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Six Sigma Quality Engineering

Six Sigma Quality Engineering

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Six Sigma Quality Engineering

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  1. Six Sigma Quality Engineering Week 10 Lean Enterprise Continuous Improvements (Kaizen)

  2. What is a Kaizen Blitz? A Kaizen Blitz is a cross functional multi-level team of 5 to 10 members working intensely for 10 to 14 hours a day, to rapidly develop, test and refine solutions to problems and leave a new solution in place in just a few days. They don’t plan, they don’t propose, they do. A Kaizen Blitz, used in conjunction with the Toyota Production System (TPS) and current Lean Manufacturing principles, can serve as a catalyst for the initial implementation of a plant wide Lean Manufacturing initiative. This focus on immediate change is what sets Kaizen activity apart from other improvement tools.

  3. Cycle of an Event Schedule the Event Recognize the Needfor Change Select System / Process to Optimize 3 2 4 Our Way of Life 1 5 Develop the Objectives Formalize the Change 12 Process Owner: Review& Explains Objectives 6 11 Process Owner: Accepts Change 7 • Learning the Tools • 5S, Process Flow • TAKT / Cycle Time 10 8 9 Make the Change • Capture the Details • Data Gathering • Detail Analysis Set Goals, Make a Plan

  4. Where do we start first? Define the problem Anywhere Work is being done… Waste is being generated THE CUSTOMER DOES NOT PAY FOR WASTE Module 0013

  5. How Material SpendsTime In The Factory Large opportunity Better 90's 80's Value Added 4% Value Non- Non- Added Value Value 16% Added Added 84% 96% We can make this better but it is not our focus

  6. How Paper Spends TimeIn An Office Process We will also focus on front end throughput opportunities VA 18% NVA 82% ref: Otis - NAD, 1991 Module 0013

  7. Total Cost This is not a labor reduction program 6 % Direct Labor As a Percent of Total Cost. Module 0013

  8. The New Equation Supplier Cost Increases Profit Old View Sales Price Sales Price Mfg. Cost Cost + Profit = Sales Price Value Supplier Cost Increases Profit New Reality Sales Price Either way Mfg. Costs have to decrease to maintain or increase profits Mfg. Cost Profit = Sales Price - Cost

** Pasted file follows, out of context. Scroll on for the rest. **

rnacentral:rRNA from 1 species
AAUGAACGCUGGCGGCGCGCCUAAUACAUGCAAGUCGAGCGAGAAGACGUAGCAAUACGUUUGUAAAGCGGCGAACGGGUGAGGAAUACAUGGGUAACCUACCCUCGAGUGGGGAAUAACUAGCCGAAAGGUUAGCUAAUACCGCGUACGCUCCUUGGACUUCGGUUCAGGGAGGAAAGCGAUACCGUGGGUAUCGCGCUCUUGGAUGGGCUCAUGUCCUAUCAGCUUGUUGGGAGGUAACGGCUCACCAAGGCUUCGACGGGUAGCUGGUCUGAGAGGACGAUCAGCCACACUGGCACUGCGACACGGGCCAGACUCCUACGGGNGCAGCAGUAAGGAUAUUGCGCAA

9. Process Layout And FlowMass Production System Lay it out Raw Material Receiving Inspection Store WIP WIP WIP Form Clean Trim WIP OP1 WIP WIP OP2 WIP WIP OP3 WIP Punch Clean Heat Treat WIP OP4 WIP WIP OP5 WIP WIP OP6 WIP Inspection Store WIP Module 0013

  10. Separating The Value AddedFrom Non-Value Added Receive + Inspect + Move + Store +Count + Move Anneal + Move + Wheelabrate + Inspect +Move Mill to Face + Inspect + Move + Wash + Move +Store + Move Turn Stem I.D. & O.D. +Inspect +Move +Wash +Move +Store +Move Grind Top Face +Inspect +Move +Wash +Move +Store +Move Drill C’Bore, Through Hole & Venthole + Inspect +Move +Deburr Venthole +Move Mill Clearance +Inspect +Move +Wash +Degrease +Move Carburize +Move Anneal + Move +Degrease + Inspect +Move +Wash Hone Stem I.D. +Inspect +Move +Wash +Move +Store +Move Mill Nut Surface +Inspect +Move +Wash +Move Measure it Module 0013

  11. Separating The Value AddedFrom Non-Value Added 1. Why? • REDRILL & TAP + Move + Wash + Degrease + Move • INSTALL SCREWS + Move • HARDEN + Move + Degrease + Move • REMOVE SCREWS + Move • TEMPER + Move + Wheelabrate + Inspect + Move • HONE STEM I.D. + Inspect + Move + Wash + Move • FINISH GRIND TOP FACE + Inspect + Move + Wash + Move • Inspect "A" Dimensions + Move • Inspect "B" Dimensions + Move + Select Fatigue Test Samples + Store + Move • Audit + Move (If quality Audit is Acceptable) (Rejected - Rework) + Store • Receive in Finish Stock Room + Count + Store + Issue + Move • BAG + Inspect (If Acceptable) + Move • SHIPPING 2. Why? 3. Why? 4.Why? 5.Why? SUMMARY:17 VALUE ADDED ELEMENTS / 93 NON-VALUE ADDED ELEMENTS LEAD TIME: 345 HOURS/23 HOURS DAY = 15 DAYS Module 0013

  12. Crosshead CellValue Added Summary Small change Module 0013 The Lean focus

  13. Process Flow Summary Sitting in a rack or in queue Is lead-time important?…which should you attack first? Typical U.S. Average Process Time was 4% Adding value

  14. Process Layout Flow AndMass Production Process This could also be office structure process islands • HEAT • TREAT CLEANING RAW MATERIALS TO FINISHED STORES TRIMMING INSPECTION RAW MATERIAL STORES CUTTING PUNCHING FORMING Module 0013

  15. The General Concept Anywhere work is being done, waste is being generated. 1. Specify VALUEFrom your customer’s perspective, not yours. What does the customer want? What are they willing to pay for? 2. Identify the VALUE STREAM and Eliminate WasteThe entire value delivery process from inquiry to receipt of cash. 3. Make value FLOW - Ideally One-Piece-At-A-Time 4. Let the customer PULL value through the process.Not suppliers or machine technology 5. Pursue PERFECTION Critical Ingredients Of Lean Are: Module 0013